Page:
Leadership That Matters, Part 1

Altruism is the belief in or practice of disinterested and selfless concern for the well-being of others.  Another definition of altruism is the behavior of an animal that benefits another at its own expense. 

We in emergency service like to believe that our work is done for the betterment of mankind.  We talk about the “supreme sacrifice” and wear shirts that say, “We fight what you fear.” We tell people that our bond is based on “brotherhood’. These are all words that suggest a higher calling, something more about us and our comrades that perhaps places us above others in a moral hierarchy, short of sainthood but above the common man.

There are those among us that throw these statements out there pretty casually, considering actions we hear about routinely. Firefighters using their positions to steal from a fire company treasury.  EMTs who are charged and convicted of preying on the vulnerable. Officers who permit subordinates to misuse their community trust.  Too many heartbreaking stories in a group of people who pride themselves on being honorable, valorous, and having a great deal of integrity.

In our business, in emergency service, we have many who state emphatically that they are on this job for purely altruistic reasons.  While volunteerism, perhaps, places a subject closer to that definition, I suggest that there are still benefits of volunteerism that we don’t think of, that don’t keep us in that category.  Conversely, there are those who suggest that as a career emergency responder that we do not embrace altruistic behavior, that our efforts are mercenary.  And while the reward is a paycheck, I suggest that this also does not limit us from the category either.

The definitions of altruism escape conventional thinking.  We don’t know what is in the hearts of others.  We don’t know what drives and motivates those who serve along with us.  We know what we are told, and we may have reason to believe those reasons.  I do, know people, however, who would wordlessly “step in front of a bullet” for a stranger; and I know people who talk a good talk, but are the first to run when any mention of even menial sacrifice surfaces.  There are big differences, then, in what we say and what we do in regard to altruism.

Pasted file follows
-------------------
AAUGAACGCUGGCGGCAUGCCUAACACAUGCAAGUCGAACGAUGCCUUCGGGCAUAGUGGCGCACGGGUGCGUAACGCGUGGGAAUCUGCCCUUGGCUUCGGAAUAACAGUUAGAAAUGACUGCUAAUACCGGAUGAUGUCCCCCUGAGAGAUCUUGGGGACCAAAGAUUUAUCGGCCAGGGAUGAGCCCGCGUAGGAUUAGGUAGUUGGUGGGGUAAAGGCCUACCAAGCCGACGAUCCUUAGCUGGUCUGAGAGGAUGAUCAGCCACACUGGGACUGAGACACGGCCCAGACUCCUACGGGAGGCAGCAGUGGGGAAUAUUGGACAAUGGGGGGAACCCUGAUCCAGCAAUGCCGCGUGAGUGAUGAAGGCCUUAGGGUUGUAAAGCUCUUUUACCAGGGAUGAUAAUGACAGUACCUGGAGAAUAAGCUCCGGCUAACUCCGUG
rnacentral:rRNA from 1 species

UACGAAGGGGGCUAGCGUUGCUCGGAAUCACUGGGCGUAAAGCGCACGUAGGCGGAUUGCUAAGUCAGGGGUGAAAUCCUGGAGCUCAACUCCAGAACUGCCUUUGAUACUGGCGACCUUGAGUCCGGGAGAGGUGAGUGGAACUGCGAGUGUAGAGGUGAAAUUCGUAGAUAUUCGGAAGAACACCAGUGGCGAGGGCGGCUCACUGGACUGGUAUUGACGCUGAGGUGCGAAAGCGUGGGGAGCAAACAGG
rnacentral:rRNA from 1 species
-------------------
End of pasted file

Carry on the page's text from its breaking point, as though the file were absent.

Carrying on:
What drives you?  What about our job inspires you to continue, day to day, to perform dangerous, distasteful, uncomfortable tasks that challenge your own limits?

I wanted to begin a discussion on leadership that matters, focusing on the merits and drawbacks of transformational leadership as it relates to our job and to society as a whole.  I can't put a number on the conversations that will come from this, but I can say that we could focus on the subject for years and only scratch the surface.  The idea, however, is that there are too many out there who are like zombies, walking along from point to point, disengaged from others, and singly focused on their own comfort, their own needs, and on making their lives more comfortable on the backs of others.  For these reasons, maybe if I can reach a few, I can create an avalanche.  One can only hope.  Feel free to comment at any time and share what you see.

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Michael "Mick" Mayers

Battalion Chief with Hilton Head Island (SC) Fire and Rescue and an Emergency Response Coordinator with the United States Department of Health and Human Services’ National Disaster Medical System Incident Response Coordination Team.

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